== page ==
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Re: Help to remove equivalent (redundant) solutions from FindRoot[]

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  • Subject: [mg91502] Re: Help to remove equivalent (redundant) solutions from FindRoot[]
  • From: Jean-Marc Gulliet <jeanmarc.gulliet at>
  • Date: Sun, 24 Aug 2008 07:06:20 -0400 (EDT)
  • Organization: The Open University, Milton Keynes, UK
  • References: <g8o84u$l68$>

Modeler wrote:

> Even if I don't get all the zeros, at this stage if would be very useful to know how to remove redundant solutions from the output. In this phase I am playing around to see what kind of problems I encounter. If I use test functions which I know to have a small number of extrema, then a plot might help ellucidate whether I am missing some of them. 

Oh, I see. Sorry, I misunderstood what you were doing.

> Of course, ideally one would like to have some kind of 2D extension of Ersek's RootSearch package which allows one to find the roots of an equation in a given 1D interval, so if you happen to know something similar, please let me know.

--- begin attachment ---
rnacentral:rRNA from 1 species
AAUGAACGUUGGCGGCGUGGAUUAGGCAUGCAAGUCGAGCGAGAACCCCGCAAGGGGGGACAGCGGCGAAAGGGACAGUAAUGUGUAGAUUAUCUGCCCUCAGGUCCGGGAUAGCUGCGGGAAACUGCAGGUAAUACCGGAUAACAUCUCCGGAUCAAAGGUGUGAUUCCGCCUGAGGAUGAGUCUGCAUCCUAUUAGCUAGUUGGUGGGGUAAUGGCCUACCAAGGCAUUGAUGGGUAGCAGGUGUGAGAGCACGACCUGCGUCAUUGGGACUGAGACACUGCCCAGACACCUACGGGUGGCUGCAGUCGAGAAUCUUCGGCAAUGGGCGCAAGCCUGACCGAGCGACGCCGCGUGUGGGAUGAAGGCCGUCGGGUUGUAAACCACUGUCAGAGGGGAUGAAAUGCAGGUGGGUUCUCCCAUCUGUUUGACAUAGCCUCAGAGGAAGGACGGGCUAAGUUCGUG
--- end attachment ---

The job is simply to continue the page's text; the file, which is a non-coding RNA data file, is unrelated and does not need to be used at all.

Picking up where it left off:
Although there exist many open source and/or free for non-commercial use 
  multidimensional root finders written in other programming languages 
(C/C++, FORTRAN, ...), I am not aware of any written in Mathematica.

Note that, thanks to MathLink, you can interface many of these solvers 
to Mathematica. It might be a solution to explore...

-- Jean-Marc

>> Modeler wrote:
>>> Assume I have the following code to find extrema of the 
>>> function interpolating Sin[x]Cos[y] in the square  [0,2Pi]x[0,2Pi]:
>>> f[x_, y_] := Sin[x ] Cos[y] 
>>> data = Flatten[
>>> Table[{{x, y}, f[x, y]}, {x, 0, 2 Pi}, {y, 0,
>>> 2 Pi}], 1]
>>> g = Interpolation[data, InterpolationOrder -> 4] 
>>> grad = D[g[x, y], {{x, y}, 1}]
>>> Table[FindRoot[grad, {{x, x0, 0, 2 Pi}, {y, y0, 0, 2 Pi}}], {x0, 0,
>>> 2 Pi}, {y0, 0, 2 Pi}]
>>> This will yield a list of the extrema, some of them are equivalent, but since the starting point of the algorithm is different every time one will get numerical errors that leads to tiny differences in the final values. Therefore, some entries of this list which ought to be equivalent are treated like distinct elements. Union[] or subsequent use of N[] with a given precision and Union[] won't help me get rid of the redundant elements. Any ideas how to bypass this problem?
>> I am afraid you have misunderstood my original post: I provided the 
>> above code to illustrate, first how to find the zeros of the derivatives 
>> of an interpolating function, second to emphasize some of the 
>> difficulties do to a thorough search of the zeros.
>> So the grid give you some of the zeros, many redundant, yet it does not 
>> give you all the zeros.
>> Regards,
>> -- Jean-Marc

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